The refugee cause has always been close to my heart because of who I am. I am a mother and was quite moved by the images that came out of the Syrian refugee crisis. Additionally, I am a person of faith, and that was a big driver for the motivation and courage to do something.
Knowing that I had a deeply rooted passion for helping refugees was the first step in giving power to what I consider to be my purpose. Understanding what to do with that passion wasn’t as clear, so I put on my consultant hat and started doing research and talking to people. I reached out to non-profits and NGOs that I had met through my work at Accenture to find out what role I—and later we—could play to meet a niche that wasn’t being filled. It became clear that the answer was refocusing the refugee narrative onto the stories and contributions of refugees. By mobilizing the shared languages of humanity—dance, music, art, sports, technology for humanity, food and storytelling—we could celebrate their accomplishments in a powerful way.
I often make the analogy that refugees are like trees: they're being transplanted from a different part of the world to a new environment. While it’s important to have gardeners to water the trees, like many NGOs are doing, it’s also important that they are planted on fertile soil. I see changing narratives as creating that welcoming environment, fertilizing the soil so that when trees are transplanted, they can thrive on their own.
I am so thrilled with what I, together with my co-founder Vanda Berninger and all of our Accenture volunteers, have achieved over these past few years. As we say, there are many paths, but only one journey.
Making a difference
With the right strategy, the right mindset, the right determination, and the ability to connect, recruit and galvanize people, we've been able to have an impact beyond our wildest dreams in just two short years.
Our flagship event is the 1Journey festival, held at the Washington National Cathedral. We’ve held two festivals so far and those, combined with other events we curate, have engaged close to 10,000 people.
We have motivated at least a thousand people to take action to support refugees by either signing up to support NGOs or purchasing products made by refugee musicians and artists. We’ve engaged over 150,000 people around the world on social media. And we have expanded our efforts not only in greater D.C. but also across the country, to San Francisco and Charlottesville. This year, we're eyeing expansion to Philadelphia, New York City and Seattle.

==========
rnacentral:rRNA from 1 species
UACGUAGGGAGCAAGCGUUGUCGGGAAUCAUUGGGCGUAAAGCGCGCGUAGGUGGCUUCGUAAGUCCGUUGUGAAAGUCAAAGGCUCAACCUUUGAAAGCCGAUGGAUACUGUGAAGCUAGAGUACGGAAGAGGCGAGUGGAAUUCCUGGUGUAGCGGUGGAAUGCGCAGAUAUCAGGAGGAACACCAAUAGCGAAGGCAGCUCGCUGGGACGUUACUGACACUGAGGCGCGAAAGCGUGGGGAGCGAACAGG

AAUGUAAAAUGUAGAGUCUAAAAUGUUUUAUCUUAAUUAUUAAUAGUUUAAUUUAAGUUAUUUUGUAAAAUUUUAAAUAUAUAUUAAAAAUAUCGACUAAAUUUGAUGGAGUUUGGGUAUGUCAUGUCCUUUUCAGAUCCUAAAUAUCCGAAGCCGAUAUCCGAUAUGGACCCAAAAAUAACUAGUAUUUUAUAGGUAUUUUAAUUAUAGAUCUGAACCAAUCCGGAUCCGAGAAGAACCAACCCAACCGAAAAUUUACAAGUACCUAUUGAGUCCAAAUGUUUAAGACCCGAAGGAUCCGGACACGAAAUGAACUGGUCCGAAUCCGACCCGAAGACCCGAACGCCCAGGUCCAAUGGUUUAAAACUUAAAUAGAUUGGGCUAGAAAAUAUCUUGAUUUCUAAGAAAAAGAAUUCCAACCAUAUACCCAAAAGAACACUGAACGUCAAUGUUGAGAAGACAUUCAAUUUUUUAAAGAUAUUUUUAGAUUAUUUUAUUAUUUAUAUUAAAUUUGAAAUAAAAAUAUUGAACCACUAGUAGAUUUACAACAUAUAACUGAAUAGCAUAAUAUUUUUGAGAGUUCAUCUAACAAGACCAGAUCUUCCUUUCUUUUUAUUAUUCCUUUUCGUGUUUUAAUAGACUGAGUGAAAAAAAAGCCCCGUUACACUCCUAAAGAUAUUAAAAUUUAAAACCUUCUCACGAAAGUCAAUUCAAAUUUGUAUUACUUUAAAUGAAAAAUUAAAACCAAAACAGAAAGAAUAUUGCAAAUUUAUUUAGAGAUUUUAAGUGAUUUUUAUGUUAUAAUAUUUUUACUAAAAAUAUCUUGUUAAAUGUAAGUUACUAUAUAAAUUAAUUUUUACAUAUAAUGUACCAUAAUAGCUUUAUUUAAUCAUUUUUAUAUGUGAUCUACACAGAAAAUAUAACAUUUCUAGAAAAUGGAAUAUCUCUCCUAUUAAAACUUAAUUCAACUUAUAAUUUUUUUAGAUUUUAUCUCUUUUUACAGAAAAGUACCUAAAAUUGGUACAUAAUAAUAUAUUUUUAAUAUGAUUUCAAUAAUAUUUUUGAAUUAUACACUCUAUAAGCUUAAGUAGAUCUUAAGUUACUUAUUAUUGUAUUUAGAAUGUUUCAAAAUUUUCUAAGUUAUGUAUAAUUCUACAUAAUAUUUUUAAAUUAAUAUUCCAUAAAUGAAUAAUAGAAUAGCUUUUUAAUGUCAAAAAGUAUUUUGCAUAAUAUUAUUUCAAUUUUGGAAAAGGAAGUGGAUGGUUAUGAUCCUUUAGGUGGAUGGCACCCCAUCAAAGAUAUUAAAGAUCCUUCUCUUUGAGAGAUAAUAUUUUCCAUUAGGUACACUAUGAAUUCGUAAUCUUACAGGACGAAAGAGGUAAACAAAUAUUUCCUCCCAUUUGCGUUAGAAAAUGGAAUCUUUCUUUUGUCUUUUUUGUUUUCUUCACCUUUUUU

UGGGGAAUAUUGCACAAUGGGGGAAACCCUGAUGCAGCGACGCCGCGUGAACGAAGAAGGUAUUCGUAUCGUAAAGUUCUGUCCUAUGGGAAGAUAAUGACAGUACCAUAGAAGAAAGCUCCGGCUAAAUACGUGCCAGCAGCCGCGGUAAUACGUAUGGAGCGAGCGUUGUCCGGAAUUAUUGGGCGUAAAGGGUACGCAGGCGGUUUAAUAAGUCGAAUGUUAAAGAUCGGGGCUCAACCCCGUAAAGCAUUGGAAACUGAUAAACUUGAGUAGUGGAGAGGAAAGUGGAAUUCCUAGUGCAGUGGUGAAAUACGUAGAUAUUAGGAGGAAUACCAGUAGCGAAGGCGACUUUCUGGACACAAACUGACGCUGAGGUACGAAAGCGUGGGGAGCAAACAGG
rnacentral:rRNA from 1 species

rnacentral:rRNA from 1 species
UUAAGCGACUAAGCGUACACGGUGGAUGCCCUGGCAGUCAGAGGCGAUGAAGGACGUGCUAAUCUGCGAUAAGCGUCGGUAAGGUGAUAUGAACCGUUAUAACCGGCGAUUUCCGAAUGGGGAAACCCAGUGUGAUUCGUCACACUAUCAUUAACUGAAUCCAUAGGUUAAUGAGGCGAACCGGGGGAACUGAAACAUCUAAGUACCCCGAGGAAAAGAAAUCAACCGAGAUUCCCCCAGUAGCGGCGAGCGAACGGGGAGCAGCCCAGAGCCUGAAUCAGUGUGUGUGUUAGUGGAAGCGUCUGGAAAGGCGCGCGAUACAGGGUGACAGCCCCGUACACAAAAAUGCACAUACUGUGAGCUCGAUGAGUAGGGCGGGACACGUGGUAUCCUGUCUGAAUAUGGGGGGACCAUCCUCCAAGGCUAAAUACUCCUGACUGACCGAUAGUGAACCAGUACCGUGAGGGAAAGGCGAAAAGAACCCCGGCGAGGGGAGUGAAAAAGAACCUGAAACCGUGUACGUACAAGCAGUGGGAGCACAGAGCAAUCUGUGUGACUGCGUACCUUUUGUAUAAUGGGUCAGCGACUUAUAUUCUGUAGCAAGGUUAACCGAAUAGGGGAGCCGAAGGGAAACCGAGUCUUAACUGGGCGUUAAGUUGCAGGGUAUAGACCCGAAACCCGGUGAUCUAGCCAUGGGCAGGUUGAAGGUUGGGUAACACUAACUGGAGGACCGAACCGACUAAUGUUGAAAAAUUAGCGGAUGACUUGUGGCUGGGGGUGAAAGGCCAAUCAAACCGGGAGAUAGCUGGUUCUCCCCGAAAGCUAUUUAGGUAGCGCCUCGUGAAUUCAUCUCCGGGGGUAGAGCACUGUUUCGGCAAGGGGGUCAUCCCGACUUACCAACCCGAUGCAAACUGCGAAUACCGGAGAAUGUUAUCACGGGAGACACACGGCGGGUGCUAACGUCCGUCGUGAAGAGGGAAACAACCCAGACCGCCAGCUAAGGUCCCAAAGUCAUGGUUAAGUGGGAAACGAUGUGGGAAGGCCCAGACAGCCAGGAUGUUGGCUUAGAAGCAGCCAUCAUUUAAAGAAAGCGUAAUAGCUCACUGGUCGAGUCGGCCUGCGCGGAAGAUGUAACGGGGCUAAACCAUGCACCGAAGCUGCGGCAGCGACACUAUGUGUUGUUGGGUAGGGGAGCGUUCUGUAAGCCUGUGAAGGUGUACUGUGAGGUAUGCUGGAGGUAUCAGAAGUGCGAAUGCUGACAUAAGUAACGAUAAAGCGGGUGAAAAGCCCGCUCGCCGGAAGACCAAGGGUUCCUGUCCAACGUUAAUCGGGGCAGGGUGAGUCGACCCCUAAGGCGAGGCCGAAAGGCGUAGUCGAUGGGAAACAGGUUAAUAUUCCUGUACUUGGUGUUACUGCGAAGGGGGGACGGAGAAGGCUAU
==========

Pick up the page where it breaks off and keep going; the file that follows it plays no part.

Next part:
The Accenture community
Accenture's willingness to provide support has been really powerful. Almost 200 Accenture volunteers showed up to help us on the day of the festival. Accenture has also supported us from a leadership engagement perspective and is a sponsor of the festival. Without my Accenture colleagues, One Journey would not be where it is today.
My work at Accenture has also helped me build the skills I’ve needed to pursue my passion. The relationship-building and private/public sector partnership-building that I’ve learned at Accenture has been instrumental in helping me collaborate with close to 200 organizations every year to put together events and build a successful movement.
At the same time, the leadership experience I’ve gained through One Journey has been one of the most rewarding experiences for me and is something I can take back to my job at Accenture—learning how to articulate a vision, and how to inspire people to follow that vision and join you on this journey.